# Practically, how does an 'observer' collapse a wave function?

The other answers here, while technically correct, might not be presented at a level appropriate to your apparent background.

When the electron interacts with any other system in such a way that the other system's behavior *depends* on the electron's (e.g., it records one thing if the electron went left and another if it went right), then the electron no longer has a wave function of its own: the electron+"detector" system has a *joint* state. The two are *entangled*.

The electron doesn't have to "know" anything. The simple physical interaction results in a state vector which, by the laws of quantum mechanics, will preclude interference by any of the subsystems of this larger system. That said, the joint state can *itself* show a kind of "interference effect" (though not the kind you normally think of in the two-slit experiment).

If this entanglement is well-controlled (as in a lab), then (a) showing this "joint interference" might be practical, and (b) undoing the entanglement is also possible, thus restoring the electron's sole superposition. This is how we know that it hasn't "collapsed."

But if the entanglement is caused by stray photons, air molecules, etc., then any hope of controlling them becomes almost immediately dashed, and we can no longer exhibit interference in practice. From here on out, the system will appear to behave classically, with the different branches evolving independently. This fact is called *decoherence*. The superposition *still* hasn't "collapsed," but we no longer have the ability to show or exploit the superposition.

You may notice that this still leaves open a crucial question: *when do the many branches become one?* This is called the *measurement problem*, and physicists don't agree on the answer even today.

Wavefunction collapse is a feature of the Copenhagen interpretation, which is one interpretation of quantum mechanics. It isn't the only one. These days people don't really talk about interpretations of quantum mechanics. They talk more in terms of decoherence. One of the things that was always unsatisfactory about the CI was that it never defined what was meant by terms like "observer" and "measurement."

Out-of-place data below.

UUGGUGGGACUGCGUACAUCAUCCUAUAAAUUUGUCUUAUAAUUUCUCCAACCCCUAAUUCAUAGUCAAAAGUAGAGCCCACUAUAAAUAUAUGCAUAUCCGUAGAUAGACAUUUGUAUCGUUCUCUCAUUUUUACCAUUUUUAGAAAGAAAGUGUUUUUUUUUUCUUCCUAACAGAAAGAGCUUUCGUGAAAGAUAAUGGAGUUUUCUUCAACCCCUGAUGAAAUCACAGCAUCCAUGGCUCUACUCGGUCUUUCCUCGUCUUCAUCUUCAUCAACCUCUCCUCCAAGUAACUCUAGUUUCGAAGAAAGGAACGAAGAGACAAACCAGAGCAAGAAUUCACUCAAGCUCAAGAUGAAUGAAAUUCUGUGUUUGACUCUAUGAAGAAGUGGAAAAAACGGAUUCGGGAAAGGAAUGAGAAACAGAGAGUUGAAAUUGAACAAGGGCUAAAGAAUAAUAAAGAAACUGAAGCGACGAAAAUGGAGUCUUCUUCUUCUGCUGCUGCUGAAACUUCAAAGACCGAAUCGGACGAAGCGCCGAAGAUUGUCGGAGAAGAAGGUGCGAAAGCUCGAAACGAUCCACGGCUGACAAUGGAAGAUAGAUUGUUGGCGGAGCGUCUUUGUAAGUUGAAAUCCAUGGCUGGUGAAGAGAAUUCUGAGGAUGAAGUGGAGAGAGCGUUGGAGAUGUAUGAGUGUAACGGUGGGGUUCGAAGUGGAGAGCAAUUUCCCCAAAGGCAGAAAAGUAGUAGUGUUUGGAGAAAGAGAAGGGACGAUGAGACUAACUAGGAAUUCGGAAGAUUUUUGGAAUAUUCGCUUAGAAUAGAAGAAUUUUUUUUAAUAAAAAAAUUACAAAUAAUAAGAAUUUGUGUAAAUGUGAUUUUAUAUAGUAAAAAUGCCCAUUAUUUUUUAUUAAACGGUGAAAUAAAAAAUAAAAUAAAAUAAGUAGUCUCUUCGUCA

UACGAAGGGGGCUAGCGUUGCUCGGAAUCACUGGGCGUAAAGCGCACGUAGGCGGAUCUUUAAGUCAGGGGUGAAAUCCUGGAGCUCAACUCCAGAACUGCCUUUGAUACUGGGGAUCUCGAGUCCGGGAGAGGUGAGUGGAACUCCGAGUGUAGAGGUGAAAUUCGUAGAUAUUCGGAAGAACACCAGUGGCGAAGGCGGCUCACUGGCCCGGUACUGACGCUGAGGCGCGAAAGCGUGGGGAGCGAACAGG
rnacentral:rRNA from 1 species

A more natural way to think about this is in terms of decoherence. When a quantum-mechanical system interacts with an environment, there is a tendency for its phase information to get scrambled. Decoherence is a theory that allows us to calculate this sort of thing, and, e.g., find the time-scale on which this phase information is lost. When the environment is a big thing with a lot of energy, the time scale for decoherence is very short. When people talk about observers and measurement, they're talking about objects so big and containing so much energy that this time scale is much shorter than any other time scale in the problem, and therefore it makes sense to treat it as an instantaneous collapse, as in CI.

Wave function collapse only happens in the head of the physicist.

What we are dealing with is entanglement of the electron and the detector wavefunctions. In the double slit problem we can write the electron wave function as $\psi_L + \psi_R$. The detector has two orthogonal states, $L$ and $R$. If there is no detector we have interference. If there is one and if it distinguishes the two possibilities with 100% certainty then the wave function must be $\psi_LL + \psi_RR$. This is an entangled state where interference is absent as $\langle\psi_LL | \psi_RR\rangle$

$= \langle\psi_L | \psi_R\rangle\langle L|R\rangle =0$.

No collapse occurs unless during the installation of the detector.